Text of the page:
Her assassination in October 1984 brought her elder son Rajiv Gandhi to power. He was young, handsome and politically inept to become India’s youngest PM at 40. Unlike her mother, who became PM one year and 7 months after her father Nehru’s death, and who served as I&B minister in Lal Bahadur Shastri’s cabinet, Rajiv was the first dynastic PM to succeed her mother immediately after her assassination. No member of the Nehru-Gandhi family has become PM since Rajiv was assassinated in 1991. He was a controversial head of government who is remembered for the Bofors scandal and for his attempt to defeat the LTTE in Sri Lanka.
The journalist, Tavleen Singh, has written in her biography of Rajiv Gandhi that: “I knew him well from the days when he was not a politician and found myself in a unique position to tell the story of how a Prime Minister with the largest mandate in Indian history ended up as such a disappointment”. The next two Congress governments which followed ~ that of P V Narasimha Rao and Manmohan Singh ~ had their own achievements as well as problems. The Narasimha Rao government introduced major economic reforms and liberalised the economy. At the same time the BJP’s actions led to the demolition of Babari Masjid and nationwide Hindu-Muslim riots.
Manmohan Singh’s government was riddled with many problems and several corruption charges. Sonia Gandhi, as Congress president, not only chose Singh as PM in 2004 but reappointed him as PM in 2009 when he was 77. She ignored many senior leaders who were more eligible than Singh. Her decision did not go down well with the party and it is one of the reasons for the decline of the Congress. The party met its Waterloo in 2014 when it won only 44 seats out of 543 seats in the Lok Sabha ~ the lowest number since 1947 (the same Congress had won 404 seats out of 542 in 1984). In 2019 it won 52 seats, only 8 more than in 2014. This only goes to show that the party did not learn any lesson from the humiliating 2014 defeat.
Both in 2014 and 2019 Rahul Gandhi led the election campaigns and in December 2017 he was rewarded by his mother Sonia who made him the Congress president. The Congress’s senior leadership comprises eminent and experienced persons such as Chidambaram, Ghulam Nabi Azad, Kapil Sibal, Singhvi, Anand Sharma and others and hardly any of these leaders participated in the national campaigns. I am not sure if it was the party policy or Rahul’s policy. Most of the election rallies as well as local meetings were addressed by Rahul. He is not a great speaker and most of his speeches were bereft of electoral content.. For example, in the 2019 election he dwelt mainly on Rafale. He also used abusive language and kept repeating chowkidar chor hai (the caretaker is a thief ) about Narendra Modi which, I think, proved counter-productive (Sonia Gandhi also referred to the BJP as zeher ki kheti (field of poison) in one of her speeches.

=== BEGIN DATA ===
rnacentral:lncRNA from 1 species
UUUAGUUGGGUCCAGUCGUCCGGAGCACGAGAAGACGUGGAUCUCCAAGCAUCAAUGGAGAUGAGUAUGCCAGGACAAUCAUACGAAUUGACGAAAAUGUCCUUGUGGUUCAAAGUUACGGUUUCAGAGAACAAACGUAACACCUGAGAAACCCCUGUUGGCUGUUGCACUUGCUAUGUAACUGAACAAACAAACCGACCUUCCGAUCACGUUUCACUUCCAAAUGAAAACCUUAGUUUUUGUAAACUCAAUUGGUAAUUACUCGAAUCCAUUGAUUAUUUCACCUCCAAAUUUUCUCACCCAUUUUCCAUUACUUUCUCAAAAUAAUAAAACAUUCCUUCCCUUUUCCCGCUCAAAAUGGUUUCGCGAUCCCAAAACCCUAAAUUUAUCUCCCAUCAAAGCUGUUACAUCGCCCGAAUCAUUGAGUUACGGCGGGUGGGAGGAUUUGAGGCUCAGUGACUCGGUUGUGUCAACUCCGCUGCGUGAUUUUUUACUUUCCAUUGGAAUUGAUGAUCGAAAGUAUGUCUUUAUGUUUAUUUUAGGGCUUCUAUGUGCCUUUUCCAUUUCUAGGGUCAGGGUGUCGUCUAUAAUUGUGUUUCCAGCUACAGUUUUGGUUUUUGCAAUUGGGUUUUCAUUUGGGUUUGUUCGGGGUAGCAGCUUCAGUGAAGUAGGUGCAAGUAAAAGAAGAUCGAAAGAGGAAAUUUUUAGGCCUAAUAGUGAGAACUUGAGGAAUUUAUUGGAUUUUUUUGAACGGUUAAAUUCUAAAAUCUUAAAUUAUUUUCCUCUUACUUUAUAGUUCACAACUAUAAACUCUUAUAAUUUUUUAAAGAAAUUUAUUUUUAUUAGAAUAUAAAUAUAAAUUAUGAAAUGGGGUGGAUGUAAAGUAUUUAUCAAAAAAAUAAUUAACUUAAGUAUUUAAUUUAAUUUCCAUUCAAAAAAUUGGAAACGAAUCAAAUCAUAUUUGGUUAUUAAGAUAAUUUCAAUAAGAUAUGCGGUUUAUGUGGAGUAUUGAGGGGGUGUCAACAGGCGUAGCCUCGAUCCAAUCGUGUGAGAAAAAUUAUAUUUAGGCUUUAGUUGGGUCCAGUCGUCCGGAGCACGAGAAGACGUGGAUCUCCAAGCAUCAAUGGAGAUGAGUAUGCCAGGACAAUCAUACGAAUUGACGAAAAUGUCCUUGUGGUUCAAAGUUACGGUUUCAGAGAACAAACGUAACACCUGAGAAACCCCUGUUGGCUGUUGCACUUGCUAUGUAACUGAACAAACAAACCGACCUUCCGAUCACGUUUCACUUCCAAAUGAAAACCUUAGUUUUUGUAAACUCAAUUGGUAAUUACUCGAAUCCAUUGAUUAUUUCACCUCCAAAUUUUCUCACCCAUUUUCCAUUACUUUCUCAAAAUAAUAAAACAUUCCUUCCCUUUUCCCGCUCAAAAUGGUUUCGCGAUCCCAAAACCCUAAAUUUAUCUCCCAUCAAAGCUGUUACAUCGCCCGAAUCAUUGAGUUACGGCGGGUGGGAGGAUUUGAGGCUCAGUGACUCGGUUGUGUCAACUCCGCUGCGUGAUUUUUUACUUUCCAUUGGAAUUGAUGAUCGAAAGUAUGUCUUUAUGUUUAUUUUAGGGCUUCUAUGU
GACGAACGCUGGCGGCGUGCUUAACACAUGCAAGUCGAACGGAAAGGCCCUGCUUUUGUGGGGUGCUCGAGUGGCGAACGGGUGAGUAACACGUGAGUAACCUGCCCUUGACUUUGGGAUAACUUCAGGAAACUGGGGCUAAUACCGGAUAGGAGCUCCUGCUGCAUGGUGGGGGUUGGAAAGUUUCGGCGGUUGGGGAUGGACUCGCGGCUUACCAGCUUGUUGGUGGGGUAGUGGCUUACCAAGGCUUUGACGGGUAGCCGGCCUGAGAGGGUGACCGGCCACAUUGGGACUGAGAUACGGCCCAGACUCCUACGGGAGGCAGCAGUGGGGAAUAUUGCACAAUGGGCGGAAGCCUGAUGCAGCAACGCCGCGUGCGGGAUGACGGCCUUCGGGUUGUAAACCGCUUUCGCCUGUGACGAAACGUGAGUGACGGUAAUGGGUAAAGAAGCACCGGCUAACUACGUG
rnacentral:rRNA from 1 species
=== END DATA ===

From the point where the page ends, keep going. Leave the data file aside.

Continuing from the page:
I must blame their speech-writers and advisers for such abusive language and I wonder if one or two senior party leaders read them or reviewed them before they were delivered. Recently a senior leader, Subramanian Swamy, said that only members of the Nehru-Gandhi family can become Prime Ministers. He said it with such authority and conviction that it appeared true. But it is not. There have already been at least four Prime Ministers, who do not belong to the dynasty, and they were equally successful. In the present chaotic and uncertain state of the Congress when several suggestions and solutions are being put forward by central as well as regional leaders, the party should opt for a leader outside the Nehru- Gandhi dynasty. There are many leaders who will come forward if Sonia Gandhi, Priyanka, and Rahul decide to take a ‘sabbatical’ from politics.
(The writer, an NRI in London, is a retired UN/World Bank consultant. He is also a freelance contributor and author)